Guitarist Jeff Richman has produced his fourth guitar tribute CD for the Tone Center label. The three previous compilations paid homage to John Coltrane (A Guitar Supreme), Miles Davis (Fusion For Miles), and the Mahavishnu Orchestra (Visions Of An Inner Mounting Apocalypse). This time around it's a tribute to Steely Dan entitled The Royal Dan: A Tribute.
The core band on the CD is comprised of Vinnie Colaiuta on drums, Jimmy Halsip on bass, Peter Wolf on keys, Ernie Watts on sax, and Richman himself on rhythm guitar (and lead on 'Josie'). Richman also arranged all the songs, and in almost every case, the songs are reworked quite a bit.
There are some really great performances here. Steve Lukather is awesome on 'Pretzel Logic'. His style fits perfectly with the tune. His solo is a mixture of hip lines, and those wild, unhinged 'Luke' explosions we all know and love. The result is a tune that is heavier than the original, and very cool. Another perfect match is Jimmy Herring on 'The Fez'. The arrangement sounds pretty faithful to the original, and Herring plays some real cool lines over the changes. Herring's one of those guys who's touch and harmonic sensibility make him a great fit for Steely Dan material. You can easily imagine him as one of the stable of guitar greats playing on the original albums. (For further evidence of this, check out some live Dragonflys shows where Herring tears it up on 'Kid Charlemagne').
Another favorite for me is 'Bodhisattva' featuring Steve Morse. This is another example where the guitarist really fits the song. Morse's bluesy phrasing and tumbling lines really work here. The most interesting arrangement/performance may be 'Aja' with Al DiMeola. The song sounds radically different from the original. It's turned into more of a jazz piece. DiMeola plays a great solo on nylon string guitar.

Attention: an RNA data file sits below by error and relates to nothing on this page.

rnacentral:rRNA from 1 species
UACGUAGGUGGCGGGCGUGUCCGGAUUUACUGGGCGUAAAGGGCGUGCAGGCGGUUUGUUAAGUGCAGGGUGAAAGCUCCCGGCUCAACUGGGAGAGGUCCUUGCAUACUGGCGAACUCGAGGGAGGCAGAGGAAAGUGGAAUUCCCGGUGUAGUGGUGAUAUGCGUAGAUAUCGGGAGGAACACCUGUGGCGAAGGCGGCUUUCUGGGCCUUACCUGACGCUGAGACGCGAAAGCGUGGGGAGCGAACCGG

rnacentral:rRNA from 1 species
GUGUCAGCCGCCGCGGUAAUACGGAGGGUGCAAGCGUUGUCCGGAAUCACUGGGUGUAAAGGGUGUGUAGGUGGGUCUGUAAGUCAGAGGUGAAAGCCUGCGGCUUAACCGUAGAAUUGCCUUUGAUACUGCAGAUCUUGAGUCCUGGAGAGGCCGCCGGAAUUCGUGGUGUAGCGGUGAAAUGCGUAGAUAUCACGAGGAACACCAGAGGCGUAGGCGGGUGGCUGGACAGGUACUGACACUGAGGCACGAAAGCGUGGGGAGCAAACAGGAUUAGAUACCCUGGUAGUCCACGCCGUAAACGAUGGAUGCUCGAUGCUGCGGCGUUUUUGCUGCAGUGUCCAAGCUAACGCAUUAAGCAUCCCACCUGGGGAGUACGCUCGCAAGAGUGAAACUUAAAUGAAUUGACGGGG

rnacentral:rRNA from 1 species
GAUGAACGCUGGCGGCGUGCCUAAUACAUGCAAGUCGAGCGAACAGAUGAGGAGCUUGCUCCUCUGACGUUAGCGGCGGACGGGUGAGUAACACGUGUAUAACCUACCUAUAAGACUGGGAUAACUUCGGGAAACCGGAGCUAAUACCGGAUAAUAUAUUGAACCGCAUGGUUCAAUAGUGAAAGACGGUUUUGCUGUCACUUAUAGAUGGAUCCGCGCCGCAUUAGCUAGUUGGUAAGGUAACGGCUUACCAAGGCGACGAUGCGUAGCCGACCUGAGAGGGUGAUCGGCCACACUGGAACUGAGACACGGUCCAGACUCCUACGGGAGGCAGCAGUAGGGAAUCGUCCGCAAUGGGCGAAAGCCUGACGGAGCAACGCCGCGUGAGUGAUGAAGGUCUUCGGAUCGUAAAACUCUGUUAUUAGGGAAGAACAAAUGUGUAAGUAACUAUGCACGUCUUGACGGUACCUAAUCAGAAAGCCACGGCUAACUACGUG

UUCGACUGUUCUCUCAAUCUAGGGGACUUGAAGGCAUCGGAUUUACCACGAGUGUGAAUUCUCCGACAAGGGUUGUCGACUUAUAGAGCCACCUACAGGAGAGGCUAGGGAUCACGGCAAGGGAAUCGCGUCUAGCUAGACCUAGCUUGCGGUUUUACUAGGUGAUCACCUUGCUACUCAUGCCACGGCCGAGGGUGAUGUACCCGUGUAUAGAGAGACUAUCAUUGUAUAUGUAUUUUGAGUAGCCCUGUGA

There are other great performances as well, such as Robben Ford on 'Peg', and Frank Gambale on 'FM'. Jay Graydon and Elliot Randall (both of whom played on original Steely Dan albums) have featured spots also. The only song I don't care for much is 'Dirty Work' with Mike Stern. For some reason the whole tune sounds timid, in my opinion. Stern has appeared on all four of the Richman tribute albums. I prefer his take on 'My Favorite Things' from the Coltrane tribute to what he does this time around. He plays well here, but it just doesn't quite gel for me.
Of all the guitar tribute albums Jeff Richman has produced, I'd say the Mahavishnu tribute is my personal favorite. This album, however, is a close second. Well worth picking up.